- Thanks so much, Sheila and hello everyone. For those who joined late, I’m Anne Campbell and I’m an associate professor in the international education management program. I’m really glad to have you here today and great to see people from all over the world, so welcome. So I wanna start my section by asking you to participate in a poll. So Devin, if you’ll launch that. And just take a few minutes, if you’d like, responses are completely confidential and voluntary, but we’d just be curious to know kind of what is your experience in working in virtual teams or being part of virtual groups. So while you’re looking that over and answering, I thought I would continue with my comments to make the most of the time, but also I know that everyone’s so distracted and able to do multiple things these days that this won’t be too much of a challenge. So, the two main points I want to highlight in talking about intercultural and international teams, is first, the context matters. So I know for me, it feels like these virtual teams that we’re part of just kind of exist in the ether and aren’t very situated or rooted anywhere, that something is happening out there. But actually what’s happening, I think, is that we have a fractured nature and that we’re all joining these meetings from our homes, or our offices or our cars, wherever we can get a quiet space and good bandwidth. And that those contexts, wherever we are in the world, should be recognized and actually matter quite a bit to the team. So each person has their own place in reality and that context is important. And so, what happens in virtual teams, is that it’s often not made explicit, which context, which culture is considered dominant, or default. And so, I would recommend to you to really consider that for your team, which culture, which style, which language, do you want to center? And then also, what might you do to decenter the more dominant culture? So just three quick examples of work that I’m doing right now. The first is that I try very hard to make sure that everyone can join a meeting at a time that is natural to their work day. It’s not always possible, of course, but I’m putting here in the chats, my favorite and most popular space that I use on the Internet, which is World Clock Meeting Planner. And what I try to do is make sure that when people join meetings, that it’s after 7 a.m. for them and before 9 p.m. And I know that sounds absolutely wild, but in the global nature of our work and global teams, that’s just how it’s come to be. And so, I really recommend checking that, this is a good site. And also, keeping in mind daylight savings time shifts, that has derailed one project and it took us awhile to get back on track. And also, what is considered are typical working days, in which culture? So one of my closest collaborators right now is based in Algeria. As you probably know, from much of the Muslim world, the weekend is different than the American world. It’s a Friday-Saturday weekend, so we’ve had to adjust to have no meetings on Friday and then for me to play catch up on Monday and it’s worked, it’s just taking some time for us to think about that. So being aware of those cultures and schedules. And then also think about what’s happening around the world in that person’s space. You can check the news, you can check the weather. So for example, another project that I’m working on right now, is with a woman in Moldova and in Moldova, they have elections this coming weekend. So when we talk about elections, it’s is a very different situation for me, based in the United States, for those of you in the U.S., you may have been following what’s happening, very different election context than what’s happening in Moldova when they’re getting ready to vote on Sunday. And then the second main point that I wanted to highlight, is try to use your skills in cross-cultural competency in the virtual space as much as possible. And we have a whole suite of great classes at MIIS in intercultural competency, we talk about it a lot across our curriculum. And so, really thinking about sense of time, identity and power, gender issues, human rights across the spectrum and other ways that our identity show up and those systems replicate themselves in the virtual space as well. So two quick points on this, consider being explicit about how people should participate, how people jump into conversation, how they share their ideas, do they wait to be asked, these kinds of things are different across cultures. So being explicit, like Jill was at the beginning and saying, please put your questions in the chat, it’s a very good technique for helping everyone to understand how to best participate. And then also think about sense of time, how do you wanna spend your time together? David’s about to speak about community building in the virtual space, but that sense of connectedness is really essential for having virtual teams work and again, it’s very cross cultural, what do you share? How do you share it? What’s appropriate? So keeping all of those skills in mind when building virtual teams is also quite helpful. Okay, so before I turn it over, could we see the results of the poll?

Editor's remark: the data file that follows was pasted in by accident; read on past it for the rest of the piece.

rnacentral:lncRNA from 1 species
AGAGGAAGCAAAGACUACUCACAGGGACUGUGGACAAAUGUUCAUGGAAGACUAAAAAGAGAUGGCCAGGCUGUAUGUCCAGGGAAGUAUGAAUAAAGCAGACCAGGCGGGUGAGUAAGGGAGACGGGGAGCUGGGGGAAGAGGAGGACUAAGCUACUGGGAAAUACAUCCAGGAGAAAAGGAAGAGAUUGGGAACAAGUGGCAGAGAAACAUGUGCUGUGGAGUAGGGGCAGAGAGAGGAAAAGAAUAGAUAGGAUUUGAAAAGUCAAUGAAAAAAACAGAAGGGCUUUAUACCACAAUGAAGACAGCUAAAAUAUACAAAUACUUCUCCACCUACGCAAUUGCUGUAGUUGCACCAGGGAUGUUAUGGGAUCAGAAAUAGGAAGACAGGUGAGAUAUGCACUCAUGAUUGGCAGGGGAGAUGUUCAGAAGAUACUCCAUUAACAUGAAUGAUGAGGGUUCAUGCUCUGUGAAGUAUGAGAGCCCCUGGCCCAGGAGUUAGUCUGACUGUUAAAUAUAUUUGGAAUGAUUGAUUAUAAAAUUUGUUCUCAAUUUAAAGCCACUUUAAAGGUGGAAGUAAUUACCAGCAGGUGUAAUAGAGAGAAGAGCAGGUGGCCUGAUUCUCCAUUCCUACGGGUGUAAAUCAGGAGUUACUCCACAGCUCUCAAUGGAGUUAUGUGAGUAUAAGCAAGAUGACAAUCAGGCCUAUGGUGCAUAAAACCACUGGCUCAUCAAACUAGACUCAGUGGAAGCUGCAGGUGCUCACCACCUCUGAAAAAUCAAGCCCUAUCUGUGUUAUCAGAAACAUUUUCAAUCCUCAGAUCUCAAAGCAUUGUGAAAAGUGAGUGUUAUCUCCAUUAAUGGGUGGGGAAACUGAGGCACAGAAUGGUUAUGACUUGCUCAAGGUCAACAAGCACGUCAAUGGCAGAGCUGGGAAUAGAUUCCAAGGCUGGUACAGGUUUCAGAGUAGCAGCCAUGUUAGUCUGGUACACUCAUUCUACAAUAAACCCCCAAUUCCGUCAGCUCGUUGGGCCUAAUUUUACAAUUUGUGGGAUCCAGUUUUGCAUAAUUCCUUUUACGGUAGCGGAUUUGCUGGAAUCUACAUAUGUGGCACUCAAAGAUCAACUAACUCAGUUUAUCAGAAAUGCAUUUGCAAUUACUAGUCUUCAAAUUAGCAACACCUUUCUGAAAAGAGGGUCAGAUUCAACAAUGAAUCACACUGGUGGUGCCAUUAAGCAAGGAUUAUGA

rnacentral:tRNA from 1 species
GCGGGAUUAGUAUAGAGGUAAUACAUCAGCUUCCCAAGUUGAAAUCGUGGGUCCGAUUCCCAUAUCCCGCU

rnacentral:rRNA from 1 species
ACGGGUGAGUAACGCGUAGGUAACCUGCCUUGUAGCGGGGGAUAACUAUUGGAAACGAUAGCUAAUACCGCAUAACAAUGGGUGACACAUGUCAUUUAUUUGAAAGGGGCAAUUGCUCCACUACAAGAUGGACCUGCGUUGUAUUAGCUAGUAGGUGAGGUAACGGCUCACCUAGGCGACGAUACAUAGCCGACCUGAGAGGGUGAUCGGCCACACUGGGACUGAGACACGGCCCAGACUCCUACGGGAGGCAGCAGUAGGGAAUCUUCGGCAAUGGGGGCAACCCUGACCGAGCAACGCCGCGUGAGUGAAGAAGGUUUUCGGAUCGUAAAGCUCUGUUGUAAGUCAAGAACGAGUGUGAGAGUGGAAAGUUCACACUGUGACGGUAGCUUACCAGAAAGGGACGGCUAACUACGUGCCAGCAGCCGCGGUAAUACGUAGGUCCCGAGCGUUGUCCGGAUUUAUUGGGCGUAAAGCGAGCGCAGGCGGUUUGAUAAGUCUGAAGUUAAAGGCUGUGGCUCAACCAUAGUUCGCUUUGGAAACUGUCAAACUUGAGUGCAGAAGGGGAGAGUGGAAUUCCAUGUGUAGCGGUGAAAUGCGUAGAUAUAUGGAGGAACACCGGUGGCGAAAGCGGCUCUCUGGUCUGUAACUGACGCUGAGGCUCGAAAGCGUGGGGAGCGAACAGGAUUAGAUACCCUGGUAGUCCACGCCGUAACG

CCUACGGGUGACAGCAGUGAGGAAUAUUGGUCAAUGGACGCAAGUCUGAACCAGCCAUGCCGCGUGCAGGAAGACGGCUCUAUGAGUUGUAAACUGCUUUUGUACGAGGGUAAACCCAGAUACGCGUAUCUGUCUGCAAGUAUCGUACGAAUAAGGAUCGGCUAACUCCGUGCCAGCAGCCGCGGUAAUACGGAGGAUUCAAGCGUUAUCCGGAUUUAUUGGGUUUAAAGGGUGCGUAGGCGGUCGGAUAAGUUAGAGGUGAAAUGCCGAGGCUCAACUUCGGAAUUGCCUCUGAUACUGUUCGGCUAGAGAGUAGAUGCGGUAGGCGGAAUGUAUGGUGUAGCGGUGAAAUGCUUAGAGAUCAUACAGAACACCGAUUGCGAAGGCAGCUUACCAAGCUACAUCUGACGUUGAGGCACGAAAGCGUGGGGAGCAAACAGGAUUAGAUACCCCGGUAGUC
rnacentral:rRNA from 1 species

- [Devin] Yep, they’re shared now.

- Sorry, they’re hidden behind the screen. Okay, so I hope you got a chance to look at those. I’m seeing your message now Devin, thanks. And I’m going to turn it over to my colleague, David Wick, who’s going to carry forth this conversation about building community online, thank you.